Many co-op and condo-dwellers have been looking inward of late, concentrating their energy and income on making improvements to their buildings and personal spaces, rather than spending money on travel, entertainment, and other more extroverted luxuries. Boards are, of course, interested in attracting and keeping good shareholders and owners, while those shareholders and owners are interested in making their home more comfortable, convenient, and aesthetically pleasing.
With that in mind, modern, mid-market apartments are beginning to include luxe accoutrements that heretofore could only be found in the city’s most prestigious addresses. These new elements include everything from redesigned lobbies to improved in-apartment technologies–from original artwork in the foyer to heated bathroom floors and solid slate countertops in private units. And owners and boards aren’t cutting corners on these new improvements either. There’s been a decided shift toward long-term quality in both design and materials in the last couple of years.
"Buildings are spending much more money on quality materials," says Marilyn Sygrove, owner of Manhattan’s Sygrove Associates, Inc., an interior design firm specializing in lobby design and renovation. "They’re in it for the long run and want to spend money on durable materials." According to Sygrove, the time is right for renovation and upscale design. "People are saying they want to protect the value of their homes," she says. "Home comes first these days."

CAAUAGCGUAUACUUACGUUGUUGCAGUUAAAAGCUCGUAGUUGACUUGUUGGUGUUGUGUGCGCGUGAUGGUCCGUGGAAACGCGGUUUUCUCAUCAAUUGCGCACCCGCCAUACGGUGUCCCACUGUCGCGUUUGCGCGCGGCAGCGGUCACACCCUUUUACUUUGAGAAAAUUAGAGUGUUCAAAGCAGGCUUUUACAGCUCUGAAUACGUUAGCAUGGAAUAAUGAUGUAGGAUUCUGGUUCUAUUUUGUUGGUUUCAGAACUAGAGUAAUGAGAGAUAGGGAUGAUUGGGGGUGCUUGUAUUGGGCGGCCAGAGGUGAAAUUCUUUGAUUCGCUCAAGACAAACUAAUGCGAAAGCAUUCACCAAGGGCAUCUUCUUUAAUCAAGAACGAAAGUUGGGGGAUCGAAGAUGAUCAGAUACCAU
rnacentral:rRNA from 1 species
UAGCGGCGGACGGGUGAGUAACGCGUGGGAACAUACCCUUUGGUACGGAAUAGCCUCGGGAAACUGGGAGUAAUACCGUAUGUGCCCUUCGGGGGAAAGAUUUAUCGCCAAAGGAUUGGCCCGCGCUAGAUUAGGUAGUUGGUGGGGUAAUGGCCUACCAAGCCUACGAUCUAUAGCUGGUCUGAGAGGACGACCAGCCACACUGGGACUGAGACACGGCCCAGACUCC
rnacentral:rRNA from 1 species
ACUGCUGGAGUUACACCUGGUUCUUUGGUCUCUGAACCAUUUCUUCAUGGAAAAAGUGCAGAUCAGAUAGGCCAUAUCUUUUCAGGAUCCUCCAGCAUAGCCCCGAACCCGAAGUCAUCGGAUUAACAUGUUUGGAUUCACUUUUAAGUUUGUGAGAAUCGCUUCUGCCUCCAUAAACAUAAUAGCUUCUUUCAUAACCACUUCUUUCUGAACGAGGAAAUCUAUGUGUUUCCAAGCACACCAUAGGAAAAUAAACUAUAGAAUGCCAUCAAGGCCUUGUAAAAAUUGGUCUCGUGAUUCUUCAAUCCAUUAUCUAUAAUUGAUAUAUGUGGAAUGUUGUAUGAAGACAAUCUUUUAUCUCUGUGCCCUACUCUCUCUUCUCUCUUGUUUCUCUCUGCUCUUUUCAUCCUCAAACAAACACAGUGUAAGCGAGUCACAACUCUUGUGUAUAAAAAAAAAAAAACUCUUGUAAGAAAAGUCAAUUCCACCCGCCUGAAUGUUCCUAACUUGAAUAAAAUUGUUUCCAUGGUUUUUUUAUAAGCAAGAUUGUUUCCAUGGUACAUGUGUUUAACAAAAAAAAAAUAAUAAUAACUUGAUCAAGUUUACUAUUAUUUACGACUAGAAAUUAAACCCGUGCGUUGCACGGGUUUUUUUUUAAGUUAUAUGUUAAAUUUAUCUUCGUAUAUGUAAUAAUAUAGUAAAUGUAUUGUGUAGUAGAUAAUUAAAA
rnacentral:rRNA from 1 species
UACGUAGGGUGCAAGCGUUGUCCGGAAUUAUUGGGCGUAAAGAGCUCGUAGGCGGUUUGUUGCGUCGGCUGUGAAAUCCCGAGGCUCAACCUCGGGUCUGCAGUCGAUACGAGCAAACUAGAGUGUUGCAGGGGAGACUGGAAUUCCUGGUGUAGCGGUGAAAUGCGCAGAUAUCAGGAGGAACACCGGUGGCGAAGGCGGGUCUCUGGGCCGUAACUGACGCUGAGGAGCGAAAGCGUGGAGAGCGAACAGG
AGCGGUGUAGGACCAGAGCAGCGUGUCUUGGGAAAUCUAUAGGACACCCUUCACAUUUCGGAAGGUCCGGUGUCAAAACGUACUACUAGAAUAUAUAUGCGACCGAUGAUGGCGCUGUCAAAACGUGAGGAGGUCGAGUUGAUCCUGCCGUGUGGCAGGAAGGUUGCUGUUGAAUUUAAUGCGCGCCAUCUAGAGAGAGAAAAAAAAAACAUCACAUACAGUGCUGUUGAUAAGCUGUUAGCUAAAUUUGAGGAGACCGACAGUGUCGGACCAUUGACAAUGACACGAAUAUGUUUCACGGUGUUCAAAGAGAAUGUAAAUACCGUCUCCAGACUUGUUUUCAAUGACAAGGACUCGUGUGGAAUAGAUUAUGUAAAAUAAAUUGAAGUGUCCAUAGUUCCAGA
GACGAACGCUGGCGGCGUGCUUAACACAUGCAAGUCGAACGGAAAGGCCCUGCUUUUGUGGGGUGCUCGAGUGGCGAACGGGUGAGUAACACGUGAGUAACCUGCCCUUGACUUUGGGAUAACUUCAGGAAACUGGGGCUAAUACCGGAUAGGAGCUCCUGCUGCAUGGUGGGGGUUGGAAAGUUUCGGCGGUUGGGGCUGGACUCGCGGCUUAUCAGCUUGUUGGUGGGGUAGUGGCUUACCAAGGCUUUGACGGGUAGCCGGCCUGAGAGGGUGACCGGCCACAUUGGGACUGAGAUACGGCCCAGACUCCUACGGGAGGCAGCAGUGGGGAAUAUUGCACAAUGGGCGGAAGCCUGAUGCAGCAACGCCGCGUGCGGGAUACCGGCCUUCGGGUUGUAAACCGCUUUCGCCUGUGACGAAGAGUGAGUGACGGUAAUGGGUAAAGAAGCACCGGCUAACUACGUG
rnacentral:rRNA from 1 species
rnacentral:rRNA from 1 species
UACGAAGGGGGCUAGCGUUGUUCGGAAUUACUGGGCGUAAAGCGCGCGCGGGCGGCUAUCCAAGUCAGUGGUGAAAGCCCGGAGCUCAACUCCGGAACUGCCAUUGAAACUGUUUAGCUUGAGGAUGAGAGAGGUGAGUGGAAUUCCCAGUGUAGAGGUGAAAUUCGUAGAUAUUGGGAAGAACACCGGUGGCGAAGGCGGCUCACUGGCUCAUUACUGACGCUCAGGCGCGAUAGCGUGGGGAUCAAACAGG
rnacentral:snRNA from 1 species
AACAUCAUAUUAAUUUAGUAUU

Architectural Facelifts and Homey Appeal
In light of the unsettling events of this past Fall, designers, contractors and boards seem to be moving toward comfort while maintaining the sleekness of modern design. "Designers are being brought in to make buildings look homier," says Tino Grana, owner of Art ASAP, an upmarket framing showroom in New York City. There appears to be a move away from hard edges, cold lines, and aesthetic sterility and a greater demand for rich textures, warmth of color, and spaces that are more welcoming to residents and their guests.
Sygrove agrees. "There’s a nesting instinct going on," she says. "It’s all intensified since September 11, but it started earlier this year."
From the front façades to the trim around the elevators, common areas are taking on a quieter, gentler tone. Postwar buildings, especially, are getting a makeover. "There are a lot of postwar buildings devoid of much detail, quality or image," Sygrove says. "Postwar buildings are doing their front door areas and awnings. Boards are making decisions on all of these things lately. Especially if they’ve already done lobbies and hallways, they want to continue."